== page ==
There’s one other nagging question that surfaces in the later portions of the film (where some of the energy begins to sag). Arthur talks about the poor reception that greeted most of his later plays, at least in the . (Some of them had more acclaim in Europe.) He kept writing until shortly before his death but never had another success during the last three decades of his life. One can’t help wondering whether this was because of the shortsightedness of critics and audiences or because of an undeniable decline in Miller’s writing. A bit more objective analysis would have strengthened this last section of the film. Nevertheless, for those who revere Arthur Miller’s best work, this film is an indispensable and deeply personal addition to an understanding of the artist and the man.
For, if it is true to say that in essence the tragic hero is intent upon claiming his whole due as a personality, and if this struggle must be total and without reservation, then it automatically demonstrates the indestructible will of man to achieve his humanity. The possibility of victory must be there in tragedy. Where pathos rules, where pathos is finally derived, a character has fought a battle he could not possibly have won. The pathetic is achieved when the protagonist is, by virtue of his witlessness, his insensitivity or the very air he gives off, incapable of grappling with a much superior force. Pathos truly is the mode for the pessimist. But tragedy requires a nicer balance between what is possible and what is impossible. And it is curious, although edifying, that the plays we revere, century after century, are the tragedies. In them, and in them alone, lies the belief--optimistic, if you will, in the perfectibility of man. It is time, I think, that we who are without kings, took up this bright thread of our history and followed it to the only place it can possible lead in our time--the heart and spirit of the average man.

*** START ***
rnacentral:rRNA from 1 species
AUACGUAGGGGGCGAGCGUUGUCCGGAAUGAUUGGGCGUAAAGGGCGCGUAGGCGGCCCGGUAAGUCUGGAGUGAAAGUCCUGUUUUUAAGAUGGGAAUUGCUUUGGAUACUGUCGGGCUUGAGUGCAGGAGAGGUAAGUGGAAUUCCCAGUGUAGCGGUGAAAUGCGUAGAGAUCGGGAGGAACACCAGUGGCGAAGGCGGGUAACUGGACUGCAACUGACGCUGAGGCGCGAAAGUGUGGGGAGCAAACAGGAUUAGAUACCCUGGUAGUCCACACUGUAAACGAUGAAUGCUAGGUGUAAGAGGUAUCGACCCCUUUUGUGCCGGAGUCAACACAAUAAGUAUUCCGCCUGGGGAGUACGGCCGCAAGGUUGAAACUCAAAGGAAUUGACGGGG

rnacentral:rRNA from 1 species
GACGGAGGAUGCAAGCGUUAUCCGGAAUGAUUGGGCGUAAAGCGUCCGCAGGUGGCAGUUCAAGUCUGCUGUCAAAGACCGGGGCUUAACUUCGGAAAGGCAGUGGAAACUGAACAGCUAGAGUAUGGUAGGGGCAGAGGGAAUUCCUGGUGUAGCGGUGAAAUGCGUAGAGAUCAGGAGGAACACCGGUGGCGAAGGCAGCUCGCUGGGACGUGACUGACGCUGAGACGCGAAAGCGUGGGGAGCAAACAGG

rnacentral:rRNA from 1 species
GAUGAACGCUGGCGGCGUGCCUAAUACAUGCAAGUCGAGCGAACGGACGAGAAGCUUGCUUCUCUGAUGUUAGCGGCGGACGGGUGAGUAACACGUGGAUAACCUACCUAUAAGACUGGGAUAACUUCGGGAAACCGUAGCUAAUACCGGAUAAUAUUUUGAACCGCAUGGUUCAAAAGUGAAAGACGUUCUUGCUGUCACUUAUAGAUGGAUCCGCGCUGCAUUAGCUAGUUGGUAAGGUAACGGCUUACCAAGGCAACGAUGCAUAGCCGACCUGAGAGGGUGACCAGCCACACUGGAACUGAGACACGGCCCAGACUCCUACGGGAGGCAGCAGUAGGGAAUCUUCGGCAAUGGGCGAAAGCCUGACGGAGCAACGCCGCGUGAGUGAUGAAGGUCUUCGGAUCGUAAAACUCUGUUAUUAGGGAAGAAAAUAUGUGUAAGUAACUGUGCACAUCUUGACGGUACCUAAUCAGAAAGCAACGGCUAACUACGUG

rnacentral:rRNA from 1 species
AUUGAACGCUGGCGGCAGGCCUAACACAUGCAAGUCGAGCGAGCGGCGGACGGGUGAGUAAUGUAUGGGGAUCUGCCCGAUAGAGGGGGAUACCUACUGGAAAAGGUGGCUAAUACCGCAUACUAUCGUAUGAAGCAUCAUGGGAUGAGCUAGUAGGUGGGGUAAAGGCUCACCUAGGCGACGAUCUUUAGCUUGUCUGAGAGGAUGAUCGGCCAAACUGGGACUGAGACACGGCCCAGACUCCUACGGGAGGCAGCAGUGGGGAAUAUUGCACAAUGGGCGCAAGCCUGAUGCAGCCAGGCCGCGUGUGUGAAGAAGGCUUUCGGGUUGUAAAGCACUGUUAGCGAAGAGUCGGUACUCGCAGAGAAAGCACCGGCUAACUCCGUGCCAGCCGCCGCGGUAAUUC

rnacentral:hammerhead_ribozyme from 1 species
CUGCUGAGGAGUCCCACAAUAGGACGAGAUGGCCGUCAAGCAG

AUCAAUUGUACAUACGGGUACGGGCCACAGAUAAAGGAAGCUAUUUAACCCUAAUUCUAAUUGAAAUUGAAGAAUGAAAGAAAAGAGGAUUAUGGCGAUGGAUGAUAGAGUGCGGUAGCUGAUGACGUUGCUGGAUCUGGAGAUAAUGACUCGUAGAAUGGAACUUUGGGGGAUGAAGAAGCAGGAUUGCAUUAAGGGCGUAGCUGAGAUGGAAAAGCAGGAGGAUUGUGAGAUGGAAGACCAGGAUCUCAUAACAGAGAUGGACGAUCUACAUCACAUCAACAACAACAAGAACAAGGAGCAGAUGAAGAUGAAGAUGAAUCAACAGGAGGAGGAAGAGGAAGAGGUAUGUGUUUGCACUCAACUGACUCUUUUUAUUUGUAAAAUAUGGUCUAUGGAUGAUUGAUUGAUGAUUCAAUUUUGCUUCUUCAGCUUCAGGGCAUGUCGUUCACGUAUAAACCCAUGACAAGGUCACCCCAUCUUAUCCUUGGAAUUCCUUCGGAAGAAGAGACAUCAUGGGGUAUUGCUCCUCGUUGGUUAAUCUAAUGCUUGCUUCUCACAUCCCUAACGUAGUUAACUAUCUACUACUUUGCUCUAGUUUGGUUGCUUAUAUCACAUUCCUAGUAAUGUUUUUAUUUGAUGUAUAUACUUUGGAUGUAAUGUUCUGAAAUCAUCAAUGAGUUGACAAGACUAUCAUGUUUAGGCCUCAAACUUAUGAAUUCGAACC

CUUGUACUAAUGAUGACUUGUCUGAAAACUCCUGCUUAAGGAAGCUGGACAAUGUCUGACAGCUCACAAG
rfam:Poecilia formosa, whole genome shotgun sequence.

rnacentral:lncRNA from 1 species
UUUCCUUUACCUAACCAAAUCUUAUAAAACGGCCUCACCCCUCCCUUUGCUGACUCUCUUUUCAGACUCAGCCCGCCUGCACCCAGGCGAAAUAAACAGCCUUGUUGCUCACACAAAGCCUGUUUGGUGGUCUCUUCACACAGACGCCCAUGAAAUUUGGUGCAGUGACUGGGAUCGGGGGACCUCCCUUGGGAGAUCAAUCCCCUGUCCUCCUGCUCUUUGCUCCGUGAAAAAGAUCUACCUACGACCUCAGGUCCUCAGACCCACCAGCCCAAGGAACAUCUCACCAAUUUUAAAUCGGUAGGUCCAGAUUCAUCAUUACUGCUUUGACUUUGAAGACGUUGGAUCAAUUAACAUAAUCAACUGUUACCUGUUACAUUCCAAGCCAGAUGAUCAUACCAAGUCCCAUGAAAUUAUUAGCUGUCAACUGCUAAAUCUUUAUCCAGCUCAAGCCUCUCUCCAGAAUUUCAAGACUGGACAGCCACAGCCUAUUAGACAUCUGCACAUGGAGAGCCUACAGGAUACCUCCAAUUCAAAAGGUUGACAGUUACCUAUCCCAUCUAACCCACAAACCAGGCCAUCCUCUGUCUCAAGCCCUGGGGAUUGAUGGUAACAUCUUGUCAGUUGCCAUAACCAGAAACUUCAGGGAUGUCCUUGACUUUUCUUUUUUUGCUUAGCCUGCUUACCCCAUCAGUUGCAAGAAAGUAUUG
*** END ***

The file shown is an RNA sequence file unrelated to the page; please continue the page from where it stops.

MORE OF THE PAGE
More than any other playwright working today, Arthur Miller has dedicated himself to the investigation of the moral plight of the white American working class. With a sense of realism and a strong ear for the American vernacular, Miller has created characters whose voices are an important part of the American landscape. His insight into the psychology of desperation and his ability to create stories that express the deepest meanings of struggle, have made him one of the most highly regarded and widely performed American playwrights. In his eighty-fifth year, Miller remains an active and important part of American theater.